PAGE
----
A familiar problem is responsible for the gradual erosion of Manchester United's Premier League title challenge over the past few weeks: bad defending.
After last weekend's frustrating 1-1 draw at West Brom, manager Ole Gunnar Solskjaer lamented his side's lack of creativity, but, in reality, the visitors were once again undone by sloppiness at the back.
Granted, the attack had an off-day but they still bailed out the defence, which was breached after just two minutes of play at the Hawthorns.
Mbaye Diagne’s opener offered a timely reminder that Victor Lindelof is simply not strong enough for the English top flight. But while certain individuals are not of the requisite quality to play in a title-winning team, United also have a collective problem.
At West Brom, Solskjaer's side were once again punished for sitting too deep. They failed to push to push out quick enough, as Gary Neville highlighted on Sky Sports.
“If they don't start doing it (pushing out quickly), they're never going to get to a point where they're winning the league,” the former United defender argued. "I think teams nowadays, you have got to be aggressive in getting out of your box.”
Being too slow to get out, especially on set-pieces, is just one of the problems that has plagued the back line all season long. It has cost United points, so you can see why a centre-back is top of the summer transfer wish-list.
Dayot Upamecano, who announced last week that he will join Bayern Munich in the summer, was under consideration for a while, but United dropped their interest in him last year, after never making a serious move for the Frenchman.
However, United are interested in Upamecano's RB Leipzig team-mate Ibrahima Konate, as well as Sevilla's Jules Kounde and David Carmo of Braga.
For now, though, Eric Bailly should be starting alongside Harry Maguire in the heart of the defence, as he underlined with another solid performance in Thursday night's Europa League demolition of Real Sociedad.
Not only is Bailly stronger than Lindelof, he's also quicker, making him a significant upgrade on the Swede.
For Solskjaer’s quick, counter-attacking football to be successful, the foundations at the back need to be firm, which is why the manager was so enthused by what he saw from Bailly & Co. in Turin.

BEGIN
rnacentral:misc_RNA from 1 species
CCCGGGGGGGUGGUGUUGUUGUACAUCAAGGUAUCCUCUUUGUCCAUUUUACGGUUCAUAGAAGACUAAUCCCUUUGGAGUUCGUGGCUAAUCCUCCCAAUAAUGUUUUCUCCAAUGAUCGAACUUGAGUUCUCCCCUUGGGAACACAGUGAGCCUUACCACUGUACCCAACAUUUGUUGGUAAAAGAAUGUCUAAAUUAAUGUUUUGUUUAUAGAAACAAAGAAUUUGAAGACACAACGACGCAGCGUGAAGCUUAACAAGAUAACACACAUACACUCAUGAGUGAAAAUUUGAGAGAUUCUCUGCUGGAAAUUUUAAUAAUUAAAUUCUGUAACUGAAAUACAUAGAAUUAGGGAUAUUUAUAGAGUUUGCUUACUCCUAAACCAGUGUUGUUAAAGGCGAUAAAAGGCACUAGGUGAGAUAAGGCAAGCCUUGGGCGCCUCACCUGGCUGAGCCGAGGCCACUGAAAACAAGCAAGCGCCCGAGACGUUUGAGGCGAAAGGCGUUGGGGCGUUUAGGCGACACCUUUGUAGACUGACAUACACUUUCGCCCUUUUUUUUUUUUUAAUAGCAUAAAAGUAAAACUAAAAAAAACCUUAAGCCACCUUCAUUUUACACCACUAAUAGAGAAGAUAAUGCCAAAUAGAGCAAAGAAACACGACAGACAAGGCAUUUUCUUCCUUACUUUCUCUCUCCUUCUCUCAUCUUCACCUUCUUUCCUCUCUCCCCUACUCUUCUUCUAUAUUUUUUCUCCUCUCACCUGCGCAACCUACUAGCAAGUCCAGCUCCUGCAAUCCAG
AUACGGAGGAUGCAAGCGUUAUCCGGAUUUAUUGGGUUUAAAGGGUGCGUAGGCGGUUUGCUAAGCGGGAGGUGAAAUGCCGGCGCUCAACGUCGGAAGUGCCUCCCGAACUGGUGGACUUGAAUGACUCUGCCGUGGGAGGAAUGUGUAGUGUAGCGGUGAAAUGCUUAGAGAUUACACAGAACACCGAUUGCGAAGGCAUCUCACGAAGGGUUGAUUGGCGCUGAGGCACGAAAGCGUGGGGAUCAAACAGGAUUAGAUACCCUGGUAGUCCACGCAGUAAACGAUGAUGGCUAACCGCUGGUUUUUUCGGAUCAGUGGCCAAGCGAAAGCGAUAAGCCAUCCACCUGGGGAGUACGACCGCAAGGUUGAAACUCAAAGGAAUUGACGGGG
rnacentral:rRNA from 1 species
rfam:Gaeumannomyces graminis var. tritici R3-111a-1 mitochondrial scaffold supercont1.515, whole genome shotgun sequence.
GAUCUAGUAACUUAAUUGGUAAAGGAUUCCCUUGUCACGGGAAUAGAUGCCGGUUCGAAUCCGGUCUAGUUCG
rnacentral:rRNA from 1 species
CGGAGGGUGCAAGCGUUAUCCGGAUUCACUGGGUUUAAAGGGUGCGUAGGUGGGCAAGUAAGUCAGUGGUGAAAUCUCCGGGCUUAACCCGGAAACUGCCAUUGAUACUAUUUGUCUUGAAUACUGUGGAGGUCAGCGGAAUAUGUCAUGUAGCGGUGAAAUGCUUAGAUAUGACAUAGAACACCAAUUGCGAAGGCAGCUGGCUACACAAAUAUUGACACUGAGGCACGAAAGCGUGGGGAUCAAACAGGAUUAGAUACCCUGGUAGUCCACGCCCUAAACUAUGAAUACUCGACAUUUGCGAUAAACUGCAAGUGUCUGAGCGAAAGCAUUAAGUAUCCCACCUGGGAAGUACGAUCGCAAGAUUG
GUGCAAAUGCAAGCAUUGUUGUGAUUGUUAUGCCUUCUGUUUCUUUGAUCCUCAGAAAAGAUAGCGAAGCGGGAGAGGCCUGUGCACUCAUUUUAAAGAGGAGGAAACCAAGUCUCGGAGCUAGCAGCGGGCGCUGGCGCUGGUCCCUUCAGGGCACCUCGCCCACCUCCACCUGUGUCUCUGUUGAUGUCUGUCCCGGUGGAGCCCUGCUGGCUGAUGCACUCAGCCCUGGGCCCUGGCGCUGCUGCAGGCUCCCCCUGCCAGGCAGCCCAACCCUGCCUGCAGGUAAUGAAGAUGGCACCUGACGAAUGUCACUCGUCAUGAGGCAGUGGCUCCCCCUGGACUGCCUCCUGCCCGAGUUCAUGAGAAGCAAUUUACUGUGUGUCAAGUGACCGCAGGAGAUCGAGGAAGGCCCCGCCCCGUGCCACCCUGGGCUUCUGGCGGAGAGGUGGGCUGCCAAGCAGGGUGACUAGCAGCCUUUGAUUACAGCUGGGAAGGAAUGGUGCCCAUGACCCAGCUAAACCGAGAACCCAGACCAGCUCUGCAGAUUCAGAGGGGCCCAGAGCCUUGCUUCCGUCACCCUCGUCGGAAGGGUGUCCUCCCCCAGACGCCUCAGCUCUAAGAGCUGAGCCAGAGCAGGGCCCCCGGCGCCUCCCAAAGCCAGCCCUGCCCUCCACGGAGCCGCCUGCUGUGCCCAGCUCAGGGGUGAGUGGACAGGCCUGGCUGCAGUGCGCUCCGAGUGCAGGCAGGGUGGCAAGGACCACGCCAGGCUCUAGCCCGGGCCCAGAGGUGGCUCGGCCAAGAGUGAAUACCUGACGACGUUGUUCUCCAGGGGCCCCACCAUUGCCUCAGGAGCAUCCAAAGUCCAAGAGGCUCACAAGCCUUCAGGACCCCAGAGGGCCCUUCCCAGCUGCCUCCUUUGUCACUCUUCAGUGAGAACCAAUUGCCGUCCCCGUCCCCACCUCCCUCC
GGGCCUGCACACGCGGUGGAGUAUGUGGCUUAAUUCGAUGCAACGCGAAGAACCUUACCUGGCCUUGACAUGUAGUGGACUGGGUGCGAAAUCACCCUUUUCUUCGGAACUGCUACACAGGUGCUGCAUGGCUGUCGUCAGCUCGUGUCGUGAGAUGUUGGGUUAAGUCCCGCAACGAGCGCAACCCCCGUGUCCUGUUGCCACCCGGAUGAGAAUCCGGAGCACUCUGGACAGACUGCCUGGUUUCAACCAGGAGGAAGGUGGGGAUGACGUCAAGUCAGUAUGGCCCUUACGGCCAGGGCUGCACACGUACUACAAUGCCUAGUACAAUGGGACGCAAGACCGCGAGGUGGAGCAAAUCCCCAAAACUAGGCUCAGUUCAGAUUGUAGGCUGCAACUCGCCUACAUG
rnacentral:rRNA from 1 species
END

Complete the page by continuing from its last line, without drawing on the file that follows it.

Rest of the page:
"On a night like this, when we find spaces, we can be a dangerous team," the Norwegian told BT Sport after the game. "We had to defend well, they have some terrific players up front, and we earned the right to counter-attack quickly. They opened up and we got the spaces we wanted."
Obviously, what they want this summer, then, is a dominant centre-half who will bring even more solidity and reliability to the backline. For all his talents, Bailly has, unfortunately, yet to prove himself capable of remaining fit for very long.
Ideally, Solskjaer is looking for United's answer to Manchester City ace Ruben Dias, a top-level but not outrageously expensive centre-half capable of making a Virgil van Dijk-like impact on a defence.
Specifically, they are searching for a left-footer who is capable of winning the ball further up the pitch to spark counterattacks. United also want a player who will complement and help Maguire in a way that Lindelof does not.
For example, when the captain gets caught out for pace with balls in behind, he needs to know that his partner will be there to cover for him.
Of course, if he stays fit, Bailly can certainly do that for the remainder of the season. After a nervy start, he rediscovered something approaching his best form against Sociedad. He ended the game having made eight clearances, won 100 per cent of his aerial duels and with a pass completion rate of 85%.
Bailly may not be in the 'world-class' bracket and his fitness will always be a cause for concern, meaning he is by no means a long-term solution.
However, he is undoubtedly a better option at the back right now than Lindelof.